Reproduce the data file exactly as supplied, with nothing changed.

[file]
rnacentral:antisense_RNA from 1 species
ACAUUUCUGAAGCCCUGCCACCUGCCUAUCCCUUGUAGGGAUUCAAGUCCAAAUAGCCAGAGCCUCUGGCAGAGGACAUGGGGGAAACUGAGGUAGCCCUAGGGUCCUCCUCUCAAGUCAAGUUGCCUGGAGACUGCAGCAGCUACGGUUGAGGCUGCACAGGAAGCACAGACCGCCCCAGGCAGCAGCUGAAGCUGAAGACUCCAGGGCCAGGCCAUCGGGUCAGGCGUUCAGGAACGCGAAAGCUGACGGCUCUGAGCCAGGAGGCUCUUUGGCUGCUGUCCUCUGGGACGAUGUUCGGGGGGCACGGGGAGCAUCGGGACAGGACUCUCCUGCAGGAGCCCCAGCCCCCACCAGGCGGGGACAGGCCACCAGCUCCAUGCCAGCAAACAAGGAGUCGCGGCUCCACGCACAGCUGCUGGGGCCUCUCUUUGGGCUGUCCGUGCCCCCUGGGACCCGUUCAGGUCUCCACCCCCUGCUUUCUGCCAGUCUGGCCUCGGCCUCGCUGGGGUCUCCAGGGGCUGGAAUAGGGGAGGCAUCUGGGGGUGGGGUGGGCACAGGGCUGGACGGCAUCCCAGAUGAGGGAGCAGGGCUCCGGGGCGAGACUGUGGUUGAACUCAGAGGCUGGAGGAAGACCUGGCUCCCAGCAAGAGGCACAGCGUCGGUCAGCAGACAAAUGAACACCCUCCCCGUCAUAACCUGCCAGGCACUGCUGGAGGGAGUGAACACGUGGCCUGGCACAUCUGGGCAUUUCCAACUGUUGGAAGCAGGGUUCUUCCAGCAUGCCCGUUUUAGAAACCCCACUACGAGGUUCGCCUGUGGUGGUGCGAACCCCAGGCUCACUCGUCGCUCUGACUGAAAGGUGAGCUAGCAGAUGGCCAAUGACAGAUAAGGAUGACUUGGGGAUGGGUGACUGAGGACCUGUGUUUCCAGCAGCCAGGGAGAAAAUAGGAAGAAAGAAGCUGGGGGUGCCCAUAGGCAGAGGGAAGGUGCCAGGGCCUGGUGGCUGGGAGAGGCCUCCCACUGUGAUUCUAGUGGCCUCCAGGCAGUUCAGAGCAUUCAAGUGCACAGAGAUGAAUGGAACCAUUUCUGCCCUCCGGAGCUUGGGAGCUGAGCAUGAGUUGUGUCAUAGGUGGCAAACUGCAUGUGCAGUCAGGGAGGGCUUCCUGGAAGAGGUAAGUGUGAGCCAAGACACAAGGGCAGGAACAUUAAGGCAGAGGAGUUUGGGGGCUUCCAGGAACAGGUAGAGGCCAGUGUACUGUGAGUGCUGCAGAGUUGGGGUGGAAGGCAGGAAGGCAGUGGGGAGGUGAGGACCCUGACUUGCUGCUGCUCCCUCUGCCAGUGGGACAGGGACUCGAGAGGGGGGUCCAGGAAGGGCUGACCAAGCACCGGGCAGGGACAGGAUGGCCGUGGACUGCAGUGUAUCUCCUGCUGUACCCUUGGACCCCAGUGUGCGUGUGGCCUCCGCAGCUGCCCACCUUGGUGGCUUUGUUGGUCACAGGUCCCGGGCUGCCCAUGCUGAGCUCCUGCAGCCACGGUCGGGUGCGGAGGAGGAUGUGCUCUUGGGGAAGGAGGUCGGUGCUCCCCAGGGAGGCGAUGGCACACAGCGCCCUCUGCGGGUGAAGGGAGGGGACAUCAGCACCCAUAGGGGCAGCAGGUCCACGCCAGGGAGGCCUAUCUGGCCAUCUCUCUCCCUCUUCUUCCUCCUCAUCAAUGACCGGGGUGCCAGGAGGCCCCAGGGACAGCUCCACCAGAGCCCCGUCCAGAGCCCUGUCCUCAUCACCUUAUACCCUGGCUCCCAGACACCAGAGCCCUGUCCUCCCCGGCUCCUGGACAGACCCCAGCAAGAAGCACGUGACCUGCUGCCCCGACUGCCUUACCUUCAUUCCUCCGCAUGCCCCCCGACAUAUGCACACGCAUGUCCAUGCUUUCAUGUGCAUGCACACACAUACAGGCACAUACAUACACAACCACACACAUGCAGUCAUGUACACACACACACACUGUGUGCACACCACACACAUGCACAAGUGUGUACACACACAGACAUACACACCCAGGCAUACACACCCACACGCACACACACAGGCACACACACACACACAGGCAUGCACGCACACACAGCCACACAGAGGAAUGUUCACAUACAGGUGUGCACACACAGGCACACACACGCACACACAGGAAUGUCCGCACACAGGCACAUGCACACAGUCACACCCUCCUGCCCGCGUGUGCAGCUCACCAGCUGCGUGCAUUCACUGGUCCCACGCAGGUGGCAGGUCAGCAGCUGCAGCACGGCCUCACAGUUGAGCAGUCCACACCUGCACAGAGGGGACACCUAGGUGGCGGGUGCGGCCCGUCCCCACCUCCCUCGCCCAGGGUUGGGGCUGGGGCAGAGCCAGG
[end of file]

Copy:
rnacentral:antisense_RNA from 1 species
ACAUUUCUGAAGCCCUGCCACCUGCCUAUCCCUUGUAGGGAUUCAAGUCCAAAUAGCCAGAGCCUCUGGCAGAGGACAUGGGGGAAACUGAGGUAGCCCUAGGGUCCUCCUCUCAAGUCAAGUUGCCUGGAGACUGCAGCAGCUACGGUUGAGGCUGCACAGGAAGCACAGACCGCCCCAGGCAGCAGCUGAAGCUGAAGACUCCAGGGCCAGGCCAUCGGGUCAGGCGUUCAGGAACGCGAAAGCUGACGGCUCUGAGCCAGGAGGCUCUUUGGCUGCUGUCCUCUGGGACGAUGUUCGGGGGGCACGGGGAGCAUCGGGACAGGACUCUCCUGCAGGAGCCCCAGCCCCCACCAGGCGGGGACAGGCCACCAGCUCCAUGCCAGCAAACAAGGAGUCGCGGCUCCACGCACAGCUGCUGGGGCCUCUCUUUGGGCUGUCCGUGCCCCCUGGGACCCGUUCAGGUCUCCACCCCCUGCUUUCUGCCAGUCUGGCCUCGGCCUCGCUGGGGUCUCCAGGGGCUGGAAUAGGGGAGGCAUCUGGGGGUGGGGUGGGCACAGGGCUGGACGGCAUCCCAGAUGAGGGAGCAGGGCUCCGGGGCGAGACUGUGGUUGAACUCAGAGGCUGGAGGAAGACCUGGCUCCCAGCAAGAGGCACAGCGUCGGUCAGCAGACAAAUGAACACCCUCCCCGUCAUAACCUGCCAGGCACUGCUGGAGGGAGUGAACACGUGGCCUGGCACAUCUGGGCAUUUCCAACUGUUGGAAGCAGGGUUCUUCCAGCAUGCCCGUUUUAGAAACCCCACUACGAGGUUCGCCUGUGGUGGUGCGAACCCCAGGCUCACUCGUCGCUCUGACUGAAAGGUGAGCUAGCAGAUGGCCAAUGACAGAUAAGGAUGACUUGGGGAUGGGUGACUGAGGACCUGUGUUUCCAGCAGCCAGGGAGAAAAUAGGAAGAAAGAAGCUGGGGGUGCCCAUAGGCAGAGGGAAGGUGCCAGGGCCUGGUGGCUGGGAGAGGCCUCCCACUGUGAUUCUAGUGGCCUCCAGGCAGUUCAGAGCAUUCAAGUGCACAGAGAUGAAUGGAACCAUUUCUGCCCUCCGGAGCUUGGGAGCUGAGCAUGAGUUGUGUCAUAGGUGGCAAACUGCAUGUGCAGUCAGGGAGGGCUUCCUGGAAGAGGUAAGUGUGAGCCAAGACACAAGGGCAGGAACAUUAAGGCAGAGGAGUUUGGGGGCUUCCAGGAACAGGUAGAGGCCAGUGUACUGUGAGUGCUGCAGAGUUGGGGUGGAAGGCAGGAAGGCAGUGGGGAGGUGAGGACCCUGACUUGCUGCUGCUCCCUCUGCCAGUGGGACAGGGACUCGAGAGGGGGGUCCAGGAAGGGCUGACCAAGCACCGGGCAGGGACAGGAUGGCCGUGGACUGCAGUGUAUCUCCUGCUGUACCCUUGGACCCCAGUGUGCGUGUGGCCUCCGCAGCUGCCCACCUUGGUGGCUUUGUUGGUCACAGGUCCCGGGCUGCCCAUGCUGAGCUCCUGCAGCCACGGUCGGGUGCGGAGGAGGAUGUGCUCUUGGGGAAGGAGGUCGGUGCUCCCCAGGGAGGCGAUGGCACACAGCGCCCUCUGCGGGUGAAGGGAGGGGACAUCAGCACCCAUAGGGGCAGCAGGUCCACGCCAGGGAGGCCUAUCUGGCCAUCUCUCUCCCUCUUCUUCCUCCUCAUCAAUGACCGGGGUGCCAGGAGGCCCCAGGGACAGCUCCACCAGAGCCCCGUCCAGAGCCCUGUCCUCAUCACCUUAUACCCUGGCUCCCAGACACCAGAGCCCUGUCCUCCCCGGCUCCUGGACAGACCCCAGCAAGAAGCACGUGACCUGCUGCCCCGACUGCCUUACCUUCAUUCCUCCGCAUGCCCCCCGACAUAUGCACACGCAUGUCCAUGCUUUCAUGUGCAUGCACACACAUACAGGCACAUACAUACACAACCACACACAUGCAGUCAUGUACACACACACACACUGUGUGCACACCACACACAUGCACAAGUGUGUACACACACAGACAUACACACCCAGGCAUACACACCCACACGCACACACACAGGCACACACACACACACAGGCAUGCACGCACACACAGCCACACAGAGGAAUGUUCACAUACAGGUGUGCACACACAGGCACACACACGCACACACAGGAAUGUCCGCACACAGGCACAUGCACACAGUCACACCCUCCUGCCCGCGUGUGCAGCUCACCAGCUGCGUGCAUUCACUGGUCCCACGCAGGUGGCAGGUCAGCAGCUGCAGCACGGCCUCACAGUUGAGCAGUCCACACCUGCACAGAGGGGACACCUAGGUGGCGGGUGCGGCCCGUCCCCACCUCCCUCGCCCAGGGUUGGGGCUGGGGCAGAGCCAGG